Way back during Iran’s 2009 presidential election, Twitter was a tool wielded by the guerrilla protest movement. Supporters of the Green Movement used the micro-blogging site to overcome hostility from official media, organize protests against what they saw as a rigged vote, and rally international and domestic support for their cause.
But as Iranians go to the polls today, Twitter has gone mainstream. Accounts trumpet the views of even the most conservative presidential hopefuls — though it is not clear if they are run by campaign staffers or the candidates’ supporters. Whatever the case, it’s clear no part of the Iranian political spectrum denies the organizational power of social media.
@DrSaeedJalili touts the views of the Iranian nuclear negotiator who is believed to be one of the candidates closest to Supreme Leader Ali Khamenei. But despite Jalili’s reputation as the establishment’s man, the account isn’t shy about picking fights with Iranian government institutions. "#Iran state TV is apparently taking political side while getting funds from public treasury," it tweeted yesterday.
The dark horse candidate in this election is Hassan Rouhani, a cleric who appears to have won the support of Green Movement activists. According to at least one poll conducted recently, he even enjoys a double-digit lead over the nearest contender. @HassanRouhani, meanwhile, has touted his surging popularity in recent days, trying to drum up support from voters who may otherwise stay home. The account has taken to pulling positive quotes about the candidate from international media, including this one from the Guardian: "Wherever Rouhani speaks there’s a frenzy."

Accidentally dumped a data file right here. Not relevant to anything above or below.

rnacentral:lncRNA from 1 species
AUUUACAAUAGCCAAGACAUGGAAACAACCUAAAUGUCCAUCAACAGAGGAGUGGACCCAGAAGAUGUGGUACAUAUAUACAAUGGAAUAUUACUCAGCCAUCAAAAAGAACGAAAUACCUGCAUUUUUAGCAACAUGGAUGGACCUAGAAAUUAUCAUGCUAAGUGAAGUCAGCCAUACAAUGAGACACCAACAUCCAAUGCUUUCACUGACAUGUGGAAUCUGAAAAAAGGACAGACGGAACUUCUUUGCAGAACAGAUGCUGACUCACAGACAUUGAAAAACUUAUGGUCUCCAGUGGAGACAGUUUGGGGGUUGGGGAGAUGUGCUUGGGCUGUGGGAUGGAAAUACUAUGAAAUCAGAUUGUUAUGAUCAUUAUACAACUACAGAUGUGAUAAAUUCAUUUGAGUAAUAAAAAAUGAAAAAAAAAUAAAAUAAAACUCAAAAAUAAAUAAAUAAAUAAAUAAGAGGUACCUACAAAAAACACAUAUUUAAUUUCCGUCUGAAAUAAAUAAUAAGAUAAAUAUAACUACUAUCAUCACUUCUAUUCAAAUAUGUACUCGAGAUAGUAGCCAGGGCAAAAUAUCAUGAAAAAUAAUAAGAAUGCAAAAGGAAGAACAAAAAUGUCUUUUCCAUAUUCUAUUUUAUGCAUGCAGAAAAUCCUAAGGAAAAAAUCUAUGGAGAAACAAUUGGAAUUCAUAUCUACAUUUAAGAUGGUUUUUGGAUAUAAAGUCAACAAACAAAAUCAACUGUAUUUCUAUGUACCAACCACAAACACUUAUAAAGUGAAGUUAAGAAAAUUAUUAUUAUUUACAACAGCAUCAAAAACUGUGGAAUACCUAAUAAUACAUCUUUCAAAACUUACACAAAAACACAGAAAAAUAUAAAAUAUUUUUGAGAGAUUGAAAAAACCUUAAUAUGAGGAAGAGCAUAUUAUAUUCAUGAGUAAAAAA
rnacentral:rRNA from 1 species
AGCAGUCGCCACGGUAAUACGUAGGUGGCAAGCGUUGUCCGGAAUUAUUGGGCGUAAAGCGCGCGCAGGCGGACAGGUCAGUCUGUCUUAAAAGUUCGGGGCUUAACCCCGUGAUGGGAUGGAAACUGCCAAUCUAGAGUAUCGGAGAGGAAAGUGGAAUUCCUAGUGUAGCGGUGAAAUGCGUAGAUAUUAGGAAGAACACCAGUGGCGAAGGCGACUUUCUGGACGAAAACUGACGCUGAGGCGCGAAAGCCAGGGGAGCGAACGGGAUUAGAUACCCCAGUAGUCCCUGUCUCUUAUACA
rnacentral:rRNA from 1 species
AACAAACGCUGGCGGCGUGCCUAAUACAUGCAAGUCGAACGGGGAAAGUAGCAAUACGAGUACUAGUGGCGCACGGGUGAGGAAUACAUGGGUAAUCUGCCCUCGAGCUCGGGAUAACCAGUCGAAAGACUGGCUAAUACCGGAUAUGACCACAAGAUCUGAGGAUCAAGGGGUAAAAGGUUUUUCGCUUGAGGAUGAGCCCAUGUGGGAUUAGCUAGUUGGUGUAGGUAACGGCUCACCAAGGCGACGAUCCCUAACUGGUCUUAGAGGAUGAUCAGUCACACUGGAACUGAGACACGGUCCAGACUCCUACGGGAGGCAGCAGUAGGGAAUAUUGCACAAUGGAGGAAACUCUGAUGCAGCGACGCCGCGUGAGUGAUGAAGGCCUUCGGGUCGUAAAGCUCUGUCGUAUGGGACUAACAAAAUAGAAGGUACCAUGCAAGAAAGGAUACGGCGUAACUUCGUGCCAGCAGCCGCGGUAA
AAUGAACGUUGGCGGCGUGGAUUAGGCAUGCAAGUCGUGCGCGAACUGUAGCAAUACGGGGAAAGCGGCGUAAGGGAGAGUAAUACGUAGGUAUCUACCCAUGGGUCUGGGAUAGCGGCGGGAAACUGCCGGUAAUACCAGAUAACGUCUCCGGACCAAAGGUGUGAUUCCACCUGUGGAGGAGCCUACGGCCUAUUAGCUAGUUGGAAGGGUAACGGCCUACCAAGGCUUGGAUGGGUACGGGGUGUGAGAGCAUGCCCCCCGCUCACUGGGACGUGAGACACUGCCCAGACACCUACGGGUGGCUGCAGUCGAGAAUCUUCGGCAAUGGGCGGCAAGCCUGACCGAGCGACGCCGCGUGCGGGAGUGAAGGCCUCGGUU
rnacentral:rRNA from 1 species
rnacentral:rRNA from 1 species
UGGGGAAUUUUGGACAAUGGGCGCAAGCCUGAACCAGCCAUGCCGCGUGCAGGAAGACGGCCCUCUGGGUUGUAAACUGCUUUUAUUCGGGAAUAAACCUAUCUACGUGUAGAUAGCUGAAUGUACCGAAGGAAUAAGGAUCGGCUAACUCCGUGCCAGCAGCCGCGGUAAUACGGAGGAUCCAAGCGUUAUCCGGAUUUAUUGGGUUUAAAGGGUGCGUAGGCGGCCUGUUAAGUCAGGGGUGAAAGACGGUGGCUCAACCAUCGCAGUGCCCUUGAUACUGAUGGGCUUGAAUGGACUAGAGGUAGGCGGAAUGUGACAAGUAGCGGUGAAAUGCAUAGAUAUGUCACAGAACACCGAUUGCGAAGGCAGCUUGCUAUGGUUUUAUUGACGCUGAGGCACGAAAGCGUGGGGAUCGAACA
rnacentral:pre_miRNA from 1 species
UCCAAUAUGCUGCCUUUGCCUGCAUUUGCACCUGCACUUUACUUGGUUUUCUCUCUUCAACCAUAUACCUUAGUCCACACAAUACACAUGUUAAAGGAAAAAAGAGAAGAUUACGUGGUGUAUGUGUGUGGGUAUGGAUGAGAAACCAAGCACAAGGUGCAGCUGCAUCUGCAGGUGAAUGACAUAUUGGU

But the most powerful Iranian tweep isn’t one of the candidates — it’s Ayatollah Ali Khamenei. From @khamenei_ir, the supreme leader has listed the qualities that he’s looking for in Iran’s next president. Iran’s next president must be as concerned with remote villages as the capital, must "fight against corruption and poverty," and "shouldn’t be willing to acquire an international position [by] flattering the West."
Who knows what technology will work its way into Iran by the 2017 presidential campaign. We may even see activists spreading news using Google Glass — sanctions permitting, of course.
Blake Hounshell is managing editor at Foreign Policy, having formerly been Web editor. Hounshell oversees ForeignPolicy.com and has commissioned and edited numerous cover stories for the print magazine, including National Magazine Award finalist "Why Do They Hate Us?" by Mona Eltahawy. He also edits The Cable, FP's first foray into daily original reporting, and was editor of Colum Lynch's Turtle Bay, which in 2011 won a National Magazine award for best reporting in a digital format.
Blake joined Foreign Policy in 2006 after living in Cairo, where he studied Arabic, missed his Steelers finally win one for the thumb, and worked for the Ibn Khaldun Center for Development Studies. Blake was a 2011 finalist for the Livingston Awards prize for young journalists for his reporting on the Arab uprisings, and his Twitter feed was named one of Time magazine's "140 Best Twitter Feeds of 2011." Under his leadership, in 2008, Passport, FP's flagship blog, won Media Industry Newsletter's "Best of the Web" award in the blog category. Along with Elizabeth Dickinson, he edited Southern Tiger: Chile's Fight for a Democratic and Prosperous Future, the memoirs of former Chilean president Ricardo Lagos, published by Palgrave Macmillan in 2012.
A graduate of Yale University, Blake speaks mangled Arabic and French, is an avid runner, and lives in Washington with his wife, musician Sandy Choi, and their toddler, David. Follow him on Twitter @blakehounshell.| Passport |